Acoustic and videoendoscopic techniques to improve voice assessment via relative fundamental frequency
Vojtech, Jennifer Michele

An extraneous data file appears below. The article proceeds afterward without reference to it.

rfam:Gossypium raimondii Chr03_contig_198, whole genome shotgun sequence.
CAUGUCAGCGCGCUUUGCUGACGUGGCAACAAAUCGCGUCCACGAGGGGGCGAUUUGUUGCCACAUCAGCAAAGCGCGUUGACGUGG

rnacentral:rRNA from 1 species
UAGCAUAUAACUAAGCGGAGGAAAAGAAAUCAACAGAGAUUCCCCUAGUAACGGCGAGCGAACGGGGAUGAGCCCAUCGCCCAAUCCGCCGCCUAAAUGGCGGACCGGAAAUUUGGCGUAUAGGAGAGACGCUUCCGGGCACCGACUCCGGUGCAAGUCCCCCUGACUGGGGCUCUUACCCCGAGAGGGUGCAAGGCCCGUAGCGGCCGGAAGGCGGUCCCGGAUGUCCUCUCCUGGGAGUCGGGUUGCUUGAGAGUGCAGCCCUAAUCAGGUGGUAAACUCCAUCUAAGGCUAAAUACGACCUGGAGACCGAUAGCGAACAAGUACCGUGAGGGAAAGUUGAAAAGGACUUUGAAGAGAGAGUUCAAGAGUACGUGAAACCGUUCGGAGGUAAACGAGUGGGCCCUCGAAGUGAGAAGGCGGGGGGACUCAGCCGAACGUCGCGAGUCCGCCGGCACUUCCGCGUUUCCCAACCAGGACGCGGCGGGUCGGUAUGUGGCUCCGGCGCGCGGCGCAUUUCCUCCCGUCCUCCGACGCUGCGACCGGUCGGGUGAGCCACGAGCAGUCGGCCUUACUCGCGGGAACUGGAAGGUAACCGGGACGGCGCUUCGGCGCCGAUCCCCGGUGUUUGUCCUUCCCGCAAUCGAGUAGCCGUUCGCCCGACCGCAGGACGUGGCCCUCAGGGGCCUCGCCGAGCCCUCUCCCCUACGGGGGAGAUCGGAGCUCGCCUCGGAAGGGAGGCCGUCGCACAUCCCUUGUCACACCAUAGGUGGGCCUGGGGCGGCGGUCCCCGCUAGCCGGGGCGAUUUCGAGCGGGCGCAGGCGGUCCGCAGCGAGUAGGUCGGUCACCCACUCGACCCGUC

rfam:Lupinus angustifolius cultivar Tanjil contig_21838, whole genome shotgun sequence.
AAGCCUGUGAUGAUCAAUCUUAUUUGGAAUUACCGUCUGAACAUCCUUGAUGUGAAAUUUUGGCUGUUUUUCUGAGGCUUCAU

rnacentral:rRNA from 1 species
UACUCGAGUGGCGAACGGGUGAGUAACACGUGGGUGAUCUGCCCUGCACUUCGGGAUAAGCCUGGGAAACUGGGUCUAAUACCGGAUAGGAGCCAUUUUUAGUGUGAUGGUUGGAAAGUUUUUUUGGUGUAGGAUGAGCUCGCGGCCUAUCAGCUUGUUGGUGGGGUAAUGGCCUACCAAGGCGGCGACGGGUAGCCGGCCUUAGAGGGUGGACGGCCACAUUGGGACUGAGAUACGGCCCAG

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Quantitative measures of laryngeal muscle tension are needed to improve assessment and track clinical progress. Although relative fundamental frequency (RFF) shows promise as an acoustic estimate of laryngeal muscle tension, it is not yet transferable to the clinic. The purpose of this work was to refine algorithmic estimation of RFF, as well as to enhance the knowledge surrounding the physiological underpinnings of RFF. The first study used a large database of voice samples collected from 227 speakers with voice disorders and 256 typical speakers to evaluate the effects of fundamental frequency estimation techniques and voice sample characteristics on algorithmic RFF estimation. By refining fundamental frequency estimation using the Auditory Sawtooth Waveform Inspired Pitch Estimator—Prime (Auditory-SWIPE′) algorithm and accounting for sample characteristics via the acoustic measure, pitch strength, algorithmic errors related to the accuracy and precision of RFF were reduced by 88.4% and 17.3%, respectively. The second study sought to characterize the physiological factors influencing acoustic outputs of RFF estimation. A group of 53 speakers with voice disorders and 69 typical speakers each produced the utterance, /ifi/, while simultaneous recordings were collected using a microphone and flexible nasendoscope. Acoustic features calculated via the microphone signal were examined in reference to the physiological initiation and termination of vocal fold vibration. The features that corresponded with these transitions were then implemented into the RFF algorithm, leading to significant improvements in the precision of the RFF algorithm to reflect the underlying physiological mechanisms for voicing offsets (p < .001, V = .60) and onsets (p < .001, V = .54) when compared to manual RFF estimation. The third study further elucidated the physiological underpinnings of RFF by examining the contribution of vocal fold abduction to RFF during intervocalic voicing offsets. Vocal fold abductory patterns were compared to RFF values in a subset of speakers from the second study, comprising young adults, older adults, and older adults with Parkinson’s disease. Abductory patterns were not significantly different among the three groups; however, vocal fold abduction was observed to play a significant role in measures of RFF at voicing offset. By improving algorithmic estimation and elucidating aspects of the underlying physiology affecting RFF, this work adds to the utility of RFF for use in conjunction with current clinical techniques to assess laryngeal muscle tension.
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